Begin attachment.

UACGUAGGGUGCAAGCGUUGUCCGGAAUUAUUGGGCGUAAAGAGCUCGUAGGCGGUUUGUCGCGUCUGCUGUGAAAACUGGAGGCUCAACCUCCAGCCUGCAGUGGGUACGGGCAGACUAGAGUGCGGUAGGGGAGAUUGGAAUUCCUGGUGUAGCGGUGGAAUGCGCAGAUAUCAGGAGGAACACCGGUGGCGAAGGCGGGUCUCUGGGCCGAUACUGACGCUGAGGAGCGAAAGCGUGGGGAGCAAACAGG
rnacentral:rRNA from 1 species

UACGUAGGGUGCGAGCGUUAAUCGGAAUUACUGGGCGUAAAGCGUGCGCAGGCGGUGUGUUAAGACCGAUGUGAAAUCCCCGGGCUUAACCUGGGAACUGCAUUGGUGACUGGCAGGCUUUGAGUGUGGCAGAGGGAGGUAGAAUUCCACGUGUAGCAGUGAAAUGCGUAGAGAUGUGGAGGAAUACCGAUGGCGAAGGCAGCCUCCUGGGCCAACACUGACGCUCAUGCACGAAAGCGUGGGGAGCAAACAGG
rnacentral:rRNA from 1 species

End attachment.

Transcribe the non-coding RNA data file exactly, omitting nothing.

UACGUAGGGUGCAAGCGUUGUCCGGAAUUAUUGGGCGUAAAGAGCUCGUAGGCGGUUUGUCGCGUCUGCUGUGAAAACUGGAGGCUCAACCUCCAGCCUGCAGUGGGUACGGGCAGACUAGAGUGCGGUAGGGGAGAUUGGAAUUCCUGGUGUAGCGGUGGAAUGCGCAGAUAUCAGGAGGAACACCGGUGGCGAAGGCGGGUCUCUGGGCCGAUACUGACGCUGAGGAGCGAAAGCGUGGGGAGCAAACAGG
rnacentral:rRNA from 1 species

UACGUAGGGUGCGAGCGUUAAUCGGAAUUACUGGGCGUAAAGCGUGCGCAGGCGGUGUGUUAAGACCGAUGUGAAAUCCCCGGGCUUAACCUGGGAACUGCAUUGGUGACUGGCAGGCUUUGAGUGUGGCAGAGGGAGGUAGAAUUCCACGUGUAGCAGUGAAAUGCGUAGAGAUGUGGAGGAAUACCGAUGGCGAAGGCAGCCUCCUGGGCCAACACUGACGCUCAUGCACGAAAGCGUGGGGAGCAAACAGG
rnacentral:rRNA from 1 species